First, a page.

Why is it important to ensure my pet is microchipped?
The Companion Animals Act sets out the rules for pet ownership in NSW. This includes the requirement for dogs and cats to be microchipped.
It is very important to ensure your pet cat or dog is microchipped because if your pet cat or dog becomes lost, you are far more likely to be reunited if they are microchipped.
A microchip is a permanent method of electronic identification.
The microchip number is recorded onto the NSW Pet Registry with all details about the animal and their owner. Should your pet wander or become lost, vets, animal shelters and local councils can scan your pet for a microchip and contact you via the database information.
It is very important to keep your contact details up to date on the database so that if you move house or change your phone number you will still be contactable in the event of your pet becoming lost/straying.
If a pet is transferred to a new owner, the new owner must ensure their contact details are recorded on the database.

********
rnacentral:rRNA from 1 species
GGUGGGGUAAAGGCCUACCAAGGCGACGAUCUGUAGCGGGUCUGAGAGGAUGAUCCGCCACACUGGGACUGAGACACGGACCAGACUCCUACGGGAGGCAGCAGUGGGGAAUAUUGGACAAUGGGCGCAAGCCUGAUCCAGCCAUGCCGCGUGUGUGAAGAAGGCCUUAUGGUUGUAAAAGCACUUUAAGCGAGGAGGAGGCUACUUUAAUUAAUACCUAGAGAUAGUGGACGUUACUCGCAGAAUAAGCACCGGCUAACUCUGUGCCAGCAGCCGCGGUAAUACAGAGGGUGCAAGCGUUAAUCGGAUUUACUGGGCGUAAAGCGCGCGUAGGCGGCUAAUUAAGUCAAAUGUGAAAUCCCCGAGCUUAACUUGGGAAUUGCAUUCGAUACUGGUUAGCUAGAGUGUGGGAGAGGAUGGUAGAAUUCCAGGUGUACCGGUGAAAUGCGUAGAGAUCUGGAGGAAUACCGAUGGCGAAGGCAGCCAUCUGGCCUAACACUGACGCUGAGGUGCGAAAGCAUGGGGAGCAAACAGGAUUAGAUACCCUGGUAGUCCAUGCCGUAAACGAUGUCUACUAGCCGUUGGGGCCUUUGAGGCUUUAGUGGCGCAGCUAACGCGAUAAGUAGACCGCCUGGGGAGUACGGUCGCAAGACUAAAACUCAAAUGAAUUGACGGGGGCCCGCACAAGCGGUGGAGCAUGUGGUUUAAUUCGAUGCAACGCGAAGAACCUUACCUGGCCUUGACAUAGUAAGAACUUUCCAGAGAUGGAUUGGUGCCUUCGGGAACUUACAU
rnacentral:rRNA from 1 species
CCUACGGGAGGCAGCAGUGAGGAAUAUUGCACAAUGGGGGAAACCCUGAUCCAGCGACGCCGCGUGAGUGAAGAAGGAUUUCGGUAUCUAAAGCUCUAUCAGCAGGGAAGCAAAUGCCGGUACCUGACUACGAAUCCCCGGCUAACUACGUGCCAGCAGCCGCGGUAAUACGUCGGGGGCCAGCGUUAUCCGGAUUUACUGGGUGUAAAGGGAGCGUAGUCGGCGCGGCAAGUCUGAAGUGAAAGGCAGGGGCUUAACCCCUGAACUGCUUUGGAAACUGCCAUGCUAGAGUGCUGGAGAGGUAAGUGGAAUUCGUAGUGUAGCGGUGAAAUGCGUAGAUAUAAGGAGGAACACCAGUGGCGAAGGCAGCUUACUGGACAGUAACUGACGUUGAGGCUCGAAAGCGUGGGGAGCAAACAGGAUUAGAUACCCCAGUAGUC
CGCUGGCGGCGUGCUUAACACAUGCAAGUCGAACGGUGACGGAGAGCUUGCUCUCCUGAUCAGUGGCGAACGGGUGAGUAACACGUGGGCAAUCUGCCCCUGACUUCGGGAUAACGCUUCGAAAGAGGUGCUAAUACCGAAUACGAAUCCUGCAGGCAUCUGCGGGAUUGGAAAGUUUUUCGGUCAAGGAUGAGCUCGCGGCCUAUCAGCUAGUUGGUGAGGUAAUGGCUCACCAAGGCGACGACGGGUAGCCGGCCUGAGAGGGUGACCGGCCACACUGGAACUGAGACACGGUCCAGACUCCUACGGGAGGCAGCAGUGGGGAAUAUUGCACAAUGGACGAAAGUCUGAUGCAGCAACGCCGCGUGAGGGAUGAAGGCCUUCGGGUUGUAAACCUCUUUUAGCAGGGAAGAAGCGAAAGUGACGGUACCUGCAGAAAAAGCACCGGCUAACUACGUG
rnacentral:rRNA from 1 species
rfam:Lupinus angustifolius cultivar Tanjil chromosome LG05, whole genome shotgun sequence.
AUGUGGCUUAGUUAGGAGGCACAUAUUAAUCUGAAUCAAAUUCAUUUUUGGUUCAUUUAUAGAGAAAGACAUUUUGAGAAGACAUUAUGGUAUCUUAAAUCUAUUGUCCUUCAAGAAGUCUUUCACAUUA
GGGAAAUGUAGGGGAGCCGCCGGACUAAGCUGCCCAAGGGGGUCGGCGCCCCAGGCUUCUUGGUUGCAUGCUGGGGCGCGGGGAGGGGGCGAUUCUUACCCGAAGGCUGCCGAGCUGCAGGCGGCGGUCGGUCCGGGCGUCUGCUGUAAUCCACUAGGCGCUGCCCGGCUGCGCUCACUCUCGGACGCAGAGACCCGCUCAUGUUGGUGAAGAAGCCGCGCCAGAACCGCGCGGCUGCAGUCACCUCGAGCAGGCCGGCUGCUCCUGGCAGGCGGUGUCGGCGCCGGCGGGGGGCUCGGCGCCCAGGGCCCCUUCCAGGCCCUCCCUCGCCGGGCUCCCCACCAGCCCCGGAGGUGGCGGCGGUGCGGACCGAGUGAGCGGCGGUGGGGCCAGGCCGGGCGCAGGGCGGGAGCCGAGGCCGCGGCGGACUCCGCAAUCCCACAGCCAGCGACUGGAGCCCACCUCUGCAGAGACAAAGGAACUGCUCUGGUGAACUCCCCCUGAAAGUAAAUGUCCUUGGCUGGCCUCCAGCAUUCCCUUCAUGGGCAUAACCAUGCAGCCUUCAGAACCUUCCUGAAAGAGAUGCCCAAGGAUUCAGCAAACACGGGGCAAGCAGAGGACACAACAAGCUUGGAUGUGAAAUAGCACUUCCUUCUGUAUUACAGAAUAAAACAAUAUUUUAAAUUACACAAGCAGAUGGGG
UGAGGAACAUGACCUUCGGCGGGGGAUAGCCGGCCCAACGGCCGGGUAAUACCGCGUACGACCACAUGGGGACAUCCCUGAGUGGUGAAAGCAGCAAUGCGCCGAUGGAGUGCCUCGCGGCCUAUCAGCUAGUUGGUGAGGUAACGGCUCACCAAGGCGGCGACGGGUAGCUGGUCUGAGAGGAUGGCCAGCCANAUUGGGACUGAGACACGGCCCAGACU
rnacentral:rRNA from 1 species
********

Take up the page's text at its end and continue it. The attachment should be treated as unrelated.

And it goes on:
Is microchipping my pet cat or dog compulsory?
In New South Wales microchipping is mandatory for cats and dogs. Ideally your pet cat or dog should be microchipped by 12 weeks of age or prior to you purchasing or adopting your pet. This is the only way to effectively trace the origin of the cat/dog. However, if your pet is not yet microchipped then we recommend that you make an appointment with your Local vet to have your pet/s microchipped.
Who do I contact if I need to change my contact details with my pet’s microchip registry database?
If you have a dog that is registered you have a responsibility to ensure that the information on the N.S.W. Companion Animal Register is kept up to date. Within fourteen days of moving or changing your contact details you should notify your old Council of the change. You also have a responsibility to notify the Register by contacting your new local council if your dog dies or goes missing.
There is no charge for notifying a change to the Companion Animals Register.